British American Tobacco Australia - Response to the draft National Tobacco Strategy 2012-2018 - 25 June 2012
Strengthen social marketing campaigns to discourage uptake of smoking; motivate smokers to quit; prevent relapse; and reshape social norms about smoking;
BATA supports media and social marketing campaigns designed to highlight the health risks associated with tobacco consumption and the health benefits associated with quitting for those who currently smoke. In this regard, we note the already significant commitment made to this by the Australian Government, including the commitment in 2010 to a four year, $85 million social marketing campaign.
That media and social marketing campaigns can be effective is widely accepted. In addition to the studies referred to in the draft NTS, BATA notes the conclusions of the UK Department of Health that:
“International evidence has demonstrated the effectiveness of mass media campaigns as a key strand of tobacco control strategy…
Public anti-smoking campaigns have been shown to be cost effective and most likely to succeed if designed according to social marketing theory, with sufficiently large, sustained campaigns and appropriately targeted messages based on empirical evidence for the intended population.”12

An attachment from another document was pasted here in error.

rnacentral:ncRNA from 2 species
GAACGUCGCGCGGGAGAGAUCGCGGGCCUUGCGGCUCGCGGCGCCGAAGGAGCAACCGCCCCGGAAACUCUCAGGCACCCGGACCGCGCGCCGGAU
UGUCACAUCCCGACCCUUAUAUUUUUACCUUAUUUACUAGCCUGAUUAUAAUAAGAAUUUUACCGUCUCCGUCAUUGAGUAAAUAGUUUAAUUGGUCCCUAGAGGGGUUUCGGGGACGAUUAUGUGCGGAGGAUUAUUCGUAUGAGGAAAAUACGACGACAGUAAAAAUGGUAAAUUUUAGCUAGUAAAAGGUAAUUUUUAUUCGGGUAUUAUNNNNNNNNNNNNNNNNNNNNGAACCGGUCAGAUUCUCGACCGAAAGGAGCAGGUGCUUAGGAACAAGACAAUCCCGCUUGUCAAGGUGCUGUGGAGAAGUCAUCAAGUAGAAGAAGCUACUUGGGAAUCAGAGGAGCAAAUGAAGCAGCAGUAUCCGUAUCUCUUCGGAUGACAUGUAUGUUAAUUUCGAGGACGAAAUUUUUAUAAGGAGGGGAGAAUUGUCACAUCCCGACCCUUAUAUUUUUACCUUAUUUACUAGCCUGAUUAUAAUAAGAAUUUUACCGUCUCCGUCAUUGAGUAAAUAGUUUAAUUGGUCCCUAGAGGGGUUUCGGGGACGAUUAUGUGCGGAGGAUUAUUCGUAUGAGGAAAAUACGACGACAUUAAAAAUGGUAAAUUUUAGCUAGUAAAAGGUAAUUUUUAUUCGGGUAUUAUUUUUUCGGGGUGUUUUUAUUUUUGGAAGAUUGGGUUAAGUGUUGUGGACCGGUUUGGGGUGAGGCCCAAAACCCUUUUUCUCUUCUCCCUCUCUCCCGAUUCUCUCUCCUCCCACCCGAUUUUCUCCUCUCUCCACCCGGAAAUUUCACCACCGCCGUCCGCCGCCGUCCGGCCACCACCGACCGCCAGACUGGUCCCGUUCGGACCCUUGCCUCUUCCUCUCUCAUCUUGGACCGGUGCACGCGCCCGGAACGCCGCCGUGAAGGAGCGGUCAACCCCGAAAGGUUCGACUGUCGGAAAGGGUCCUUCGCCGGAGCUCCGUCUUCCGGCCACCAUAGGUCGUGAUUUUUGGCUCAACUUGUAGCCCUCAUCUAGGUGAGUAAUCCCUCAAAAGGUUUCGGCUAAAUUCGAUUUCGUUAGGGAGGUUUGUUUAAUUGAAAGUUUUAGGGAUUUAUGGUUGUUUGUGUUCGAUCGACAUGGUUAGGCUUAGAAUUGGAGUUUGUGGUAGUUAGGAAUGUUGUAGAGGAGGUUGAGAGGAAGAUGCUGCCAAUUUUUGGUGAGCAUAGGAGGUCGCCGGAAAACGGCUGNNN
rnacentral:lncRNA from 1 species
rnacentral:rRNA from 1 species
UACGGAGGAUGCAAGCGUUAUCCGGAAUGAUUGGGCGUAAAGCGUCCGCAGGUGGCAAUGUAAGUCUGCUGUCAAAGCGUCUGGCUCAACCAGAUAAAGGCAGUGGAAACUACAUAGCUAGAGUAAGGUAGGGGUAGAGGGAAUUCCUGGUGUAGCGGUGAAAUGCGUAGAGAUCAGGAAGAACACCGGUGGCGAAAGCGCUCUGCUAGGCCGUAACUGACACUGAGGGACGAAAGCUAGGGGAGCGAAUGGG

One additional area that the government could focus on in any new media campaign is that of the dangers posed by the growing threat of the illicit tobacco market. We outline in more detail below the seriousness of this problem in the priority area dealing with affordability. Given the seriousness of the threat posed by the illicit tobacco market, any comprehensive social marketing campaign addressing tobacco use, should also address the problem of illicit tobacco.